IN THE UNITED STATES DISTRICT COURT FOR THE MIDDLE DISTRICT OF PENNSYLVANIA
December 7, 2006
BULLET LAND, INC., ET AL., PLAINTIFFS,
JOSEPH THAL, ET AL., DEFENDANTS.
The opinion of the court was delivered by: Yvette Kane, Chief Judge United States District Court Middle District of Pennsylvania
(Chief Judge Kane)
Before the Court are Defendants' motion for summary judgment and Plaintiffs' motion for leave to file an amended complaint. (Doc. Nos. 13-14.) Both parties have briefed the motions, and both motions are ripe for disposition. For the following reasons, the Court will deny Defendants' motion for summary judgment and grant Plaintiffs' motion for leave to file an amended complaint.
This case involves the dissolution of a partnership -- the Gettysburg Hotel Investors Limited Partnership ("GHI") -- between Plaintiff Bullet Land and Defendant Joseph Thal, created to renovate, restore, and operate the historic Gettysburg Hotel, and the subsequent bid by Bullet Land to purchase Thal's interest in the partnership.*fn1
At the core of this dispute is an unfinished appraisal process entered into by Bullet Land and Thal to effect the purchase of Thal's interest in GHI. The parties agreed to enter into the appraisal process in order to determine the fair market value of Thal's interest. Precisely where the parties are in that process remains to be determined -- Bullet Land suggests it never truly began, Thal suggests it is all but complete. Why the purchase has not occurred also remains to be determined -- Bullet Land suggests that the appraisal process went awry, Thal suggests that Bullet Land backed out because the price was too high. Finally, why the parties agreed to begin the appraisal process is disputed -- Bullet Land suggests that it was to effect the purchase of the land, Thal suggests that it was to effect a settlement of claims implicated in the instant lawsuit. What is not disputed is that no purchase ever came about, and this lawsuit arose as a result.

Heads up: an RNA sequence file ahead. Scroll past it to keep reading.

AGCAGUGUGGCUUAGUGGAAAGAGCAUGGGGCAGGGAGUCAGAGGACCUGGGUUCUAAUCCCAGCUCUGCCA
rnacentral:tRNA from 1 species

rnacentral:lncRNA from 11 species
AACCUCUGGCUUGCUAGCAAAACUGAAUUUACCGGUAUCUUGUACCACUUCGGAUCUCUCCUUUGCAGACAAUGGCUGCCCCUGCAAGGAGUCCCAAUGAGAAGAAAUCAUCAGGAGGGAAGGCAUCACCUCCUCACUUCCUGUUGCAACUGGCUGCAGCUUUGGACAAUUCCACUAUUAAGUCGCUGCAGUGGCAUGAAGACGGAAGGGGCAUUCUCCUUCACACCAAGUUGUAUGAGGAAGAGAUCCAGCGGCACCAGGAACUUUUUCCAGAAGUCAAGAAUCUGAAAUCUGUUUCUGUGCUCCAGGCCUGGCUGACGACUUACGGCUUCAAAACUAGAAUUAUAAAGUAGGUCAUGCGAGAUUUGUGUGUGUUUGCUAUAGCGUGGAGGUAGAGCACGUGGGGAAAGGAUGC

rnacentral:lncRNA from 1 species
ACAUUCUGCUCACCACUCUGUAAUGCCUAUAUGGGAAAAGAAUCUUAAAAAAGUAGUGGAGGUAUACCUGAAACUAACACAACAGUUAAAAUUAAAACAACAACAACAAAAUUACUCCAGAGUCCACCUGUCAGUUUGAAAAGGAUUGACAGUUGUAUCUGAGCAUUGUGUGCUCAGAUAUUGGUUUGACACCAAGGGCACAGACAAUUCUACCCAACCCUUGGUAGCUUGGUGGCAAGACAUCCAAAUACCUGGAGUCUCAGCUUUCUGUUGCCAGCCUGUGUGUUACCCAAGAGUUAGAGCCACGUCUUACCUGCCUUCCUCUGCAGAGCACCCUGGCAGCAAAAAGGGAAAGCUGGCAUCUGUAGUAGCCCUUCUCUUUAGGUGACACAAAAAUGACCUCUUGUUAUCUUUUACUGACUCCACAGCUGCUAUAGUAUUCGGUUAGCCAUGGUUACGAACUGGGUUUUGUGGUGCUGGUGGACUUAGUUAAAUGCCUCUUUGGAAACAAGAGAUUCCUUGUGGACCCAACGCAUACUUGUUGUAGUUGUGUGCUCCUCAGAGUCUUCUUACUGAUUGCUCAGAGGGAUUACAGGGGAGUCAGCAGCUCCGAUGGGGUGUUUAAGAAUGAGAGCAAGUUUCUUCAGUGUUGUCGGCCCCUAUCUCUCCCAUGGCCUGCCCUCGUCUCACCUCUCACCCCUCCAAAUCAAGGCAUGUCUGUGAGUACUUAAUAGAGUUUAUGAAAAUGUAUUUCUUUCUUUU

A. Procedural Background
Plaintiffs filed the instant three-count complaint on August 16, 2006, seeking: (1) a declaratory judgment that the appraisal process was not followed; (2) compensatory and punitive damages for an alleged breach of fiduciary duties; and (3) compensatory damages for an alleged breach of contract. (Doc. No. 1.) Defendants filed an answer with affirmative defenses and four counterclaims on September 15, 2006. (Doc. No. 9.) The following week, Plaintiffs filed an answer to Defendants' counterclaims. (Doc. No. 11.)